For that awful man I endured a date with a few weeks ago, who could barely string a sentence together but who assured me regardless me he was happy to be on our date because he couldn’t take his eyes off my “tits”. A man who ended the date by giving me a “special hug” that involved squeezing my cleavage and shouting “tits!” into the scary dark of the carpark. A man who did more in the hour I spent with him than anyone else has done in a lifetime to remind me that I am more than my body. And I am entitled to the rage I feel about how it has been received over the years.
For the roof over my head. A house I love but will eventually have to leave. A house I am so very grateful for but have to hustle every day to keep because it was never intended to be something I managed alone.
And for the imminent arrival of the menopause. An end to the debilitating, frightening symptoms of peri-menopause and the endless toll it took on my body, soul and relationship, and now the welcoming of clarity, creativity and determination I could not have imagined while I was lost in the wilderness of shifting hormones.
I am grateful too for the own surge in my emotions. In fact I think perhaps I am angry. No. There is no perhaps about it. I am angry. And I know so many of the women I love, are too. Some of them quieter than I am and simply channelling their rage, exhaustion and disappointment into lining their own lives with personal betterment, carrying the kids with them and managing because they have to, while still doing their upmost to do the next right thing, and be kind and decent along the way even in the face of indifference from those that purport to love them.
And of course I am livid that we dare not say too much. That gender politics are so complex, egos so fragile, society so berserk and that I am all too aware that women can quickly turn upon each other, that woman cannot rise up, without men shrinking into bitter puddles and other women calling them out for the pain they have decided to endure instead of casting angry, justified aspersion on. For their own shame and unwillingness to rock the boat, their denial that all marriages have rocky patches, that the menopause can be grim and that their bodies war zones over which men can exert power with a display of strength, indifference or ugly opinion cast like so many stinging hailstones while other women carry on judging them as if their own relative beauty or otherwise is everybody else’s business instead of something so deeply personal.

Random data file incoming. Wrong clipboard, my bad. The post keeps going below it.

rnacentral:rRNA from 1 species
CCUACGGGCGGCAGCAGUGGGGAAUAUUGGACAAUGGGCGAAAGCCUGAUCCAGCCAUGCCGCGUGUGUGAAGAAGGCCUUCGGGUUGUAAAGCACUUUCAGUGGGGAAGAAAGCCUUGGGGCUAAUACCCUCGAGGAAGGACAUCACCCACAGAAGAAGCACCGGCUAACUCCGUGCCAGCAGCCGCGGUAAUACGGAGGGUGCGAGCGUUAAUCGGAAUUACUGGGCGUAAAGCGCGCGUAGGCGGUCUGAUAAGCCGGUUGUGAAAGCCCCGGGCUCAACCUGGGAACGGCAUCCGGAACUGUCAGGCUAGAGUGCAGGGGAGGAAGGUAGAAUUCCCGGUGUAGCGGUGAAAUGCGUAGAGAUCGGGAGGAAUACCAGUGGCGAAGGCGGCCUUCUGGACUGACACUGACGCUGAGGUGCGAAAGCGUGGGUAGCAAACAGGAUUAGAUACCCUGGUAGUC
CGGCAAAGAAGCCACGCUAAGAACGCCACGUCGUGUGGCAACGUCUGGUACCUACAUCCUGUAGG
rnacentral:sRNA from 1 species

This then is not all about men, please don’t imagine that to be so. I love the company of men and have loved one in particular so deeply it has almost undone me. But I am just as upset by the tiny, relentless cruelties inflicted by men serving their own egos, as I am by the likes of the two women last week who felt the urge to send me repulsive, uncalled for emails denigrating me for daring to look more polished now and selling my own solution to weight loss. Women apparently triggered by who I am becoming (how dare I!) when all their energy should surely be reserved for bolstering their own self-esteem?
No, it isn’t about men, it is about all of us. It is a plea for the sort of kindness, consideration and respect for other people that the pandemic seems to have destroyed in us: as if our universal fight for enough loo roll has splayed out across all aspects of our lives and it is now one man and women for themselves without thought for what others may be enduring, despite the old adage, we are all in this together, never being more pertinent. I am tired. I think we all are. How could we not when news of the very real threats we face in 2023 are never more than a button away? I am tired and I so very much want us all to do better for each other. To acknowledge each other’s pain and look not to criticise or turn away from but to support to whatever degree we can. To inspire our boys to validate women’s feelings AND respect their bodies and to teach our girls that compassion for each other has never mattered more.
It starts then, with gratitude as the antidote to despair. For the still safe rooves over our head and the people that continue to show up for us even when we are at our worst. For long conversations with good friends, and for those not yet enlightened who remind us to have respect for ourselves and walk the hell away. For those who listen and quietly point out the flaws in our thinking. For a society that unites in fear when a woman goes missing, (despite those who want to make a gameshow out of it), and for tolerance, above all else for tolerance and our own right to act for ourselves, to be as kind as we are capable of being and to look after each other, in a world that might have just gone mad.
Let’s look after each other. Always.